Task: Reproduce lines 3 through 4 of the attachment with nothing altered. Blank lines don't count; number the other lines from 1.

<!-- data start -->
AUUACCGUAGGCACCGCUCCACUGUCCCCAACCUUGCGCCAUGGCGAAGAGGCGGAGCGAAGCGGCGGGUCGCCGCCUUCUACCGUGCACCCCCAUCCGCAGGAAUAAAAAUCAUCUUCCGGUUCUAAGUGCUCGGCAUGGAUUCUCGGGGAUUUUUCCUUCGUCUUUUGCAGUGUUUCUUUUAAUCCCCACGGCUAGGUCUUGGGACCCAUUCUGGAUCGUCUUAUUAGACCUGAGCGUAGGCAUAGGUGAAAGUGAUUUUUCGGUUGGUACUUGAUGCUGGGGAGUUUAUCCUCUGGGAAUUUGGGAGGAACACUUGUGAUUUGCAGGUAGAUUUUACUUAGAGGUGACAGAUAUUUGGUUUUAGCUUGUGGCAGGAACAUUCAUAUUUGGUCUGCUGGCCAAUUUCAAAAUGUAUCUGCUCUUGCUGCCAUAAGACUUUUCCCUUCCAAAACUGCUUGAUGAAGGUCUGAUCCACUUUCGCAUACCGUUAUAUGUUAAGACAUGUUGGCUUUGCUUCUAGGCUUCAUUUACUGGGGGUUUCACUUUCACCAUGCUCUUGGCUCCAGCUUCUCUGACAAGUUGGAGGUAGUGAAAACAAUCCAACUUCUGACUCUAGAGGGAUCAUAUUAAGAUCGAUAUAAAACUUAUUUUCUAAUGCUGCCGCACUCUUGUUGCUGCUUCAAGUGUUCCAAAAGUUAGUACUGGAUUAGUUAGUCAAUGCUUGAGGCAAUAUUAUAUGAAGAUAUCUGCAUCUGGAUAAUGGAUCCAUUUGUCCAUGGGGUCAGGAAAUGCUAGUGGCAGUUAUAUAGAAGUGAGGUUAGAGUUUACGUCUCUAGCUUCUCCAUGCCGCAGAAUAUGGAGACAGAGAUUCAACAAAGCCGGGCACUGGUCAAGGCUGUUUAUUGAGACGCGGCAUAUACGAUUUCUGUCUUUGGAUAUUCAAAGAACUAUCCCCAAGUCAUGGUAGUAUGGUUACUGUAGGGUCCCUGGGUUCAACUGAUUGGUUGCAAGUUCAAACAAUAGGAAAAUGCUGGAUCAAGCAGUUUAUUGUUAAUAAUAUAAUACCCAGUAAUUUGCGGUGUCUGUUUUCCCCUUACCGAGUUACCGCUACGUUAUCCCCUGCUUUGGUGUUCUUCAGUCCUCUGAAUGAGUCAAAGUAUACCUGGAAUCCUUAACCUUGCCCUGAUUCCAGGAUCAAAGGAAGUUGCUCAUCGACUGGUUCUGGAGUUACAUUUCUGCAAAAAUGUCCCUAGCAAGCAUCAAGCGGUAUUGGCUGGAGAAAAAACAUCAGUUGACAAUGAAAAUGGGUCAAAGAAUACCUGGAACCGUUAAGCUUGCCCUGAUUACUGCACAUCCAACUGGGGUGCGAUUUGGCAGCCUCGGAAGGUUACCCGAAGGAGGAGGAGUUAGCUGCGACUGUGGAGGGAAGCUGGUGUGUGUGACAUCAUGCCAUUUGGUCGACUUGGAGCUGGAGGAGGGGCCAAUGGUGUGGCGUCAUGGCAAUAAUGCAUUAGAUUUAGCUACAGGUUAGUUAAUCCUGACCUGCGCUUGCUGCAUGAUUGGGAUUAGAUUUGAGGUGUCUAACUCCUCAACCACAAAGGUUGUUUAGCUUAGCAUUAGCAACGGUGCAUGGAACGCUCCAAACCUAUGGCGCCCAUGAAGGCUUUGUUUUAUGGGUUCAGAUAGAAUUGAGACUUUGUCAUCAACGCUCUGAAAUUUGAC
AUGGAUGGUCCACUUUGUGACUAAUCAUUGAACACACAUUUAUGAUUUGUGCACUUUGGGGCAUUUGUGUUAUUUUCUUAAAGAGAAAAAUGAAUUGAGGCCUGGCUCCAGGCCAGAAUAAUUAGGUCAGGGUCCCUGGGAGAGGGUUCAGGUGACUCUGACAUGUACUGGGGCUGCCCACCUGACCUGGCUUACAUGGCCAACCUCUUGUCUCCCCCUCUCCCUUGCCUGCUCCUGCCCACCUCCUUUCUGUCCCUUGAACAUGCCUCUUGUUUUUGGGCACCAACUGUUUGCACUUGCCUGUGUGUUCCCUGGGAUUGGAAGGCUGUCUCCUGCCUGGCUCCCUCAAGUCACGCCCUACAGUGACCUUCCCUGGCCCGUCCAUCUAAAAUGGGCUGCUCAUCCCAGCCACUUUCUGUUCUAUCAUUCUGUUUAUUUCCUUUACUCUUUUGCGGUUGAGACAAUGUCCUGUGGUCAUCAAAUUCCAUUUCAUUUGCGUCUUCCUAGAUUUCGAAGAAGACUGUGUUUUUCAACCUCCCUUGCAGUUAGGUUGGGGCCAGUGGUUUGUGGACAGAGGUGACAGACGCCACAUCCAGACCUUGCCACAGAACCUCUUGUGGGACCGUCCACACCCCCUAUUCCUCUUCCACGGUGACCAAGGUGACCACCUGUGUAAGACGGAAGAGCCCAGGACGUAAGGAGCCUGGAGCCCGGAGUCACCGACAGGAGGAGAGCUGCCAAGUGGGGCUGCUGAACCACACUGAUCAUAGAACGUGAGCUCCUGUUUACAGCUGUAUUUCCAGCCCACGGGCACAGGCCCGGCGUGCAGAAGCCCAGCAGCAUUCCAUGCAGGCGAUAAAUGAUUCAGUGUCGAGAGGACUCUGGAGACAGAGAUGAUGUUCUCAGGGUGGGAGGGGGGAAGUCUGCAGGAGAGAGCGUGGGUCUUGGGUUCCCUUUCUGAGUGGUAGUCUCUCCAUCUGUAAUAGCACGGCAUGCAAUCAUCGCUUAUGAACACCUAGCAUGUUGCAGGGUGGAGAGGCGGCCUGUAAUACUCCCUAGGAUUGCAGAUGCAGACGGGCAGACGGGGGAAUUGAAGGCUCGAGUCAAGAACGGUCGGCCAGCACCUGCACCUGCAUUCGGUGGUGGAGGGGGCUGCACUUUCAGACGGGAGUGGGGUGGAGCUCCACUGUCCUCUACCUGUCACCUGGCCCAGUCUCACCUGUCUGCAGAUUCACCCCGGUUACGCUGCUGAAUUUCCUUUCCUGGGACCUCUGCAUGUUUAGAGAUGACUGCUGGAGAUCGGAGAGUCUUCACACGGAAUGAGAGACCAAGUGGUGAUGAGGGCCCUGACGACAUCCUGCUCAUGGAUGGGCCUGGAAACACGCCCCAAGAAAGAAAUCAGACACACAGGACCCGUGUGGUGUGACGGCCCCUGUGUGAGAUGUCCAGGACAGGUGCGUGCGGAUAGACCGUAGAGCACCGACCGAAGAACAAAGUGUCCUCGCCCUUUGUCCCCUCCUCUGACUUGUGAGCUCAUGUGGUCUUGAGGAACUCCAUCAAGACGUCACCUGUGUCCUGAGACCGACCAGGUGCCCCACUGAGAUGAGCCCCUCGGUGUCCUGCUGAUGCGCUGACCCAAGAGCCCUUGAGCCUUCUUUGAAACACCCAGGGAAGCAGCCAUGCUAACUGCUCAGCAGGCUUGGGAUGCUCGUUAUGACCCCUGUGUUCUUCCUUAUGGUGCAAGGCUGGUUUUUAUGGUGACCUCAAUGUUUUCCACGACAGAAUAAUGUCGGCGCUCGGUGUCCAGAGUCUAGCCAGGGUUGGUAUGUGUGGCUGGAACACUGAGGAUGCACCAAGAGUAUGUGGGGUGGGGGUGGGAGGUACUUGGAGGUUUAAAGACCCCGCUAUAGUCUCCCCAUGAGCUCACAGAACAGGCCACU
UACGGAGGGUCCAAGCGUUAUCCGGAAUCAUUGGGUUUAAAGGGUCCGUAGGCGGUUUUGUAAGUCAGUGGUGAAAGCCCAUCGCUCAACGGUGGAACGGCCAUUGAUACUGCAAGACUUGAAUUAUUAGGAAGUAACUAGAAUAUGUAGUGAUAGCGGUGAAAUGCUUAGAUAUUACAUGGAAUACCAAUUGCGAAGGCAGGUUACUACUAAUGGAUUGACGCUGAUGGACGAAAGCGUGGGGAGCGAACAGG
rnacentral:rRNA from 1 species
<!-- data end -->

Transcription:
UACGGAGGGUCCAAGCGUUAUCCGGAAUCAUUGGGUUUAAAGGGUCCGUAGGCGGUUUUGUAAGUCAGUGGUGAAAGCCCAUCGCUCAACGGUGGAACGGCCAUUGAUACUGCAAGACUUGAAUUAUUAGGAAGUAACUAGAAUAUGUAGUGAUAGCGGUGAAAUGCUUAGAUAUUACAUGGAAUACCAAUUGCGAAGGCAGGUUACUACUAAUGGAUUGACGCUGAUGGACGAAAGCGUGGGGAGCGAACAGG
rnacentral:rRNA from 1 species